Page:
Who was Dante and why was he so important?

How can a poet who lived 700 years ago in the medieval era possibly be so significant in today’s world?

While it’s hard to convey the importance of Dante’s place in pioneering the Italian Culture, here we decode why the poet still holds an enduring place in the country’s history.

The early life of Dante

Born in Florence, Italy in 1265, Dante was a poet, moral philosopher, political thinker, but above all a great innovator who is regarded as the father of the Italian language for having made vernacular, i.e. the Tuscan dialect, a noble literary language. What’s more; he is also known as a supreme poet for authoring ‘Divine Comedy’, the first major work written in Italian and a well-recognized masterpiece of literature that has inspired many artists, poets, and writers over the centuries.

In addition to writing the Divine Comedy, Dante wrote a number of love poems including Vita Nova, composed in 1292-1293, that celebrates his love for Beatrice in typical Dolce Stilnovo poetic fashion. That’s not all; he was also widely-regarded for writing Convivio (1303-1308), derived from the Latin “convivium” or “banquet” (of wisdom), which is more of an encyclopedia aimed to guide those who intended to dedicate their lives for the public welfare without having first completed the regular studies.

Did you know that Dante was born into an important Florentine Alighieri family at a time when the political scene was quite grim between Emperors and Popes? Being an avid observer and critic of the political and social scene of his day, especially in Florence (his hometown), he strictly criticized the malpractice of the rulers in addition to opposing the ecclesiastical hierarchies and ending up being exiled from Florence in 1301. Even in exile, he didn’t stop his criticisms against the corrupt political system.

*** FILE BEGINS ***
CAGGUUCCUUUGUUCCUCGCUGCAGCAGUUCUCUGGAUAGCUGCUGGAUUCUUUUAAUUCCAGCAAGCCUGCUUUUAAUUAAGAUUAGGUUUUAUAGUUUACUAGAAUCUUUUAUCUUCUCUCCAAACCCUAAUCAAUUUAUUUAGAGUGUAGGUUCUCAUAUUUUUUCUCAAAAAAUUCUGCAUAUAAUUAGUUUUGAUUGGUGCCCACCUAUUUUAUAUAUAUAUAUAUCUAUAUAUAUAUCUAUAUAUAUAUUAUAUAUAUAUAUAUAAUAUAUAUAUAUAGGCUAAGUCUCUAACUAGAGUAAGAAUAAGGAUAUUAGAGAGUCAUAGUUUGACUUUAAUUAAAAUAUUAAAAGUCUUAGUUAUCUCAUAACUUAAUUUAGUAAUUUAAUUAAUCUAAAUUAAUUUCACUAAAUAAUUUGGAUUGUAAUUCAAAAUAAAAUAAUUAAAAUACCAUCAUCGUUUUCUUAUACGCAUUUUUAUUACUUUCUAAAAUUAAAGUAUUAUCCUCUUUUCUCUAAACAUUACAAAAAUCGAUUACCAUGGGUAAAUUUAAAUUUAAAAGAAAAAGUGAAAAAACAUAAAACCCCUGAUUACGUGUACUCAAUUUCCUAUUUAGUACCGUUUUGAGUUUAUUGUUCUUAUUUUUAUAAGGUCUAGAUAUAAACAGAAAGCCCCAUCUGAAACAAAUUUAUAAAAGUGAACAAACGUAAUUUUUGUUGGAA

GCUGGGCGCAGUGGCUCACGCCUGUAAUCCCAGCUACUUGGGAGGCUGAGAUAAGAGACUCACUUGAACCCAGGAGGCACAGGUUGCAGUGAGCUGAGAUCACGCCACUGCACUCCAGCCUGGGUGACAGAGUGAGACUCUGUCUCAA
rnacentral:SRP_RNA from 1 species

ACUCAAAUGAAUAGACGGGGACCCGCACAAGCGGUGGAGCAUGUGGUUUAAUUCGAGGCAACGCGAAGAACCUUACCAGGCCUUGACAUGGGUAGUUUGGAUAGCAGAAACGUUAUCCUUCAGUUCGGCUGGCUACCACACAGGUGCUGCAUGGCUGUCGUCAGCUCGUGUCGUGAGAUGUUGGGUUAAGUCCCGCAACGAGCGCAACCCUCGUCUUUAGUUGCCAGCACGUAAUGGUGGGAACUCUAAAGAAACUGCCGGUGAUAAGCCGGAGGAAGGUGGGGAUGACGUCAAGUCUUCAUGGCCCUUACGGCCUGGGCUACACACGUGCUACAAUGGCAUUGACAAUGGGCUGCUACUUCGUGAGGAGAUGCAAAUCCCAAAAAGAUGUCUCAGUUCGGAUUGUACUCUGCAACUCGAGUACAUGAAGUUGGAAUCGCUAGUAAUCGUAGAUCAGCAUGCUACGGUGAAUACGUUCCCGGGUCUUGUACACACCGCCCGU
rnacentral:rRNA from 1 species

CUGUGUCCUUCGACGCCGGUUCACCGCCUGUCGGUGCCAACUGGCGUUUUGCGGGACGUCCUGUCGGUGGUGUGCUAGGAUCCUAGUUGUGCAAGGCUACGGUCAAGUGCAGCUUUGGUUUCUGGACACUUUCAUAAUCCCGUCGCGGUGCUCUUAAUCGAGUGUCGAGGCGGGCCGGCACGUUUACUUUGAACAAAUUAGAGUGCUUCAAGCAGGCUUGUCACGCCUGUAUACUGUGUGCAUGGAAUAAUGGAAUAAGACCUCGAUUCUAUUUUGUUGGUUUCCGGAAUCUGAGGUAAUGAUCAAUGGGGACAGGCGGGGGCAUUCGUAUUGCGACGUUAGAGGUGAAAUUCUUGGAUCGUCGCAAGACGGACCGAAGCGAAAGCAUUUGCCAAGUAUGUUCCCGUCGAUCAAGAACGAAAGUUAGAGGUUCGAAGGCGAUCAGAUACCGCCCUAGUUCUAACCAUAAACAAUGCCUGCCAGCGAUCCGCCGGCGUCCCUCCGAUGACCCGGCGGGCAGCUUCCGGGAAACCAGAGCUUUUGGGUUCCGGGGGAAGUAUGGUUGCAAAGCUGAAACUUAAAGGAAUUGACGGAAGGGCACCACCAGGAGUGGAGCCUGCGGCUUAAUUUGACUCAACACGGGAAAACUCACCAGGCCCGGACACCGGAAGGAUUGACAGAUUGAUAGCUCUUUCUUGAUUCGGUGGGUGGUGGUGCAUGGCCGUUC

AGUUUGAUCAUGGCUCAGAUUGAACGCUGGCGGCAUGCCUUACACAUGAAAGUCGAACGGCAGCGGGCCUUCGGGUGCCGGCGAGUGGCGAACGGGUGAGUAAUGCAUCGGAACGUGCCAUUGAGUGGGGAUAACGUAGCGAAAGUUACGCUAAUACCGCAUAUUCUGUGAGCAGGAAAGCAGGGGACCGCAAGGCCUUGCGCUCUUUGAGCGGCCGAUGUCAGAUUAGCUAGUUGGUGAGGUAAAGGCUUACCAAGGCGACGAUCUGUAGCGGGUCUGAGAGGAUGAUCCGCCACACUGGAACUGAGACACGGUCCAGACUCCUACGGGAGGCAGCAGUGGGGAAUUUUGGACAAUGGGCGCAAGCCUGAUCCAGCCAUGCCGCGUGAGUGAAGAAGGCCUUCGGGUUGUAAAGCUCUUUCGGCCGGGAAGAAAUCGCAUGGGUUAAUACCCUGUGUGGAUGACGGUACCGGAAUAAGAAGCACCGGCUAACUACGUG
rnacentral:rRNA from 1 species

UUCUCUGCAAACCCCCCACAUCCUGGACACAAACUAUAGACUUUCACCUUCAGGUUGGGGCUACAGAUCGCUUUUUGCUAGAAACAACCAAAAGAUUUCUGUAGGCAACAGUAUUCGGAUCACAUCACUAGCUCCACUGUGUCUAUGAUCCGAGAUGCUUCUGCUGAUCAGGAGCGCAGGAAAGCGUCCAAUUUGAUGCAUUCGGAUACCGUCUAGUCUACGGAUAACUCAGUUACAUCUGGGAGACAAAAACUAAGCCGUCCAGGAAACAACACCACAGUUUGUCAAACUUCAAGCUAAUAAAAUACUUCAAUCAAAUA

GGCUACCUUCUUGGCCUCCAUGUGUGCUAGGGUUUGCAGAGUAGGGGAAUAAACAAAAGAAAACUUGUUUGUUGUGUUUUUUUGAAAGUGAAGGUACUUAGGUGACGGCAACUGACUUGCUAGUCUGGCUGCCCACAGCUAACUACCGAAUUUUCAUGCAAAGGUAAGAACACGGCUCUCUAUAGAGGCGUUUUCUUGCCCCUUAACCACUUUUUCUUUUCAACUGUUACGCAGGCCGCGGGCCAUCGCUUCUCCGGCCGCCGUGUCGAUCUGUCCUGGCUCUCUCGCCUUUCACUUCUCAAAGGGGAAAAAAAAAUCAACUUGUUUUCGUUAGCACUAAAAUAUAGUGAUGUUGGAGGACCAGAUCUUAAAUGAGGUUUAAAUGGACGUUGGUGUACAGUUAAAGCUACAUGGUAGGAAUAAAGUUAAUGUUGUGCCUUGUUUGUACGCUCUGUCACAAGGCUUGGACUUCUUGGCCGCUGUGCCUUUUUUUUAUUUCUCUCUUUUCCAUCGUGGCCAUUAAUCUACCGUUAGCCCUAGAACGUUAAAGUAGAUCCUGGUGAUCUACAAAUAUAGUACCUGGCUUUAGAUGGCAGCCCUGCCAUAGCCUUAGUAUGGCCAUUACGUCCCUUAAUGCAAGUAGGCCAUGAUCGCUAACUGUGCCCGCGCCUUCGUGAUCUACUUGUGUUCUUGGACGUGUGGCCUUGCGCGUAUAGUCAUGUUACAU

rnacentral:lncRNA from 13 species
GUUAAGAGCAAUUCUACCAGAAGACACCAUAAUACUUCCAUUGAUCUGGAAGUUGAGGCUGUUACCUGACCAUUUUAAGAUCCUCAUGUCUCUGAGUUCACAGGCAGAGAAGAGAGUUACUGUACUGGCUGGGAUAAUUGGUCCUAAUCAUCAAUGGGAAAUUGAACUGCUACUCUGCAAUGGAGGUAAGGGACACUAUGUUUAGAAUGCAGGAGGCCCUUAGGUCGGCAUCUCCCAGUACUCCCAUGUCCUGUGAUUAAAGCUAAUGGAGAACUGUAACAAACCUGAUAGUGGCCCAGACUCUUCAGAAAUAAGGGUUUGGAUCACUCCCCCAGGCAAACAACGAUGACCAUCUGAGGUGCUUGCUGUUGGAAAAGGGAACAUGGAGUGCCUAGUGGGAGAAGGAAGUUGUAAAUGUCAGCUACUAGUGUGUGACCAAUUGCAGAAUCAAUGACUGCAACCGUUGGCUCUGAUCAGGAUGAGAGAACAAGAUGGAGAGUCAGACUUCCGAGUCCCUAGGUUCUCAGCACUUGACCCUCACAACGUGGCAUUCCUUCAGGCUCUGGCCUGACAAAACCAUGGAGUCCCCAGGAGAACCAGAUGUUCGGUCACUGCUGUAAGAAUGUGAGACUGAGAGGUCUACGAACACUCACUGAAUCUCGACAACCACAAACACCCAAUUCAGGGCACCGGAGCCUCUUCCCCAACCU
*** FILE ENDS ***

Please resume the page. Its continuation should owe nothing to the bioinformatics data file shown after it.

After coming back from exile, he wrote another important work called Monarchy (1310-1313), which highlighted his political viewpoint and outlines the roles and responsibilities of the two greatest authorities of that time: the Emperor and the Pope.

Taken altogether, these texts speak for the greatness of Dante, a real genius of humanistic culture, an artist who spent most of his life investigating the meaning and significance of his community, with extraordinary finesse and sensitivity.

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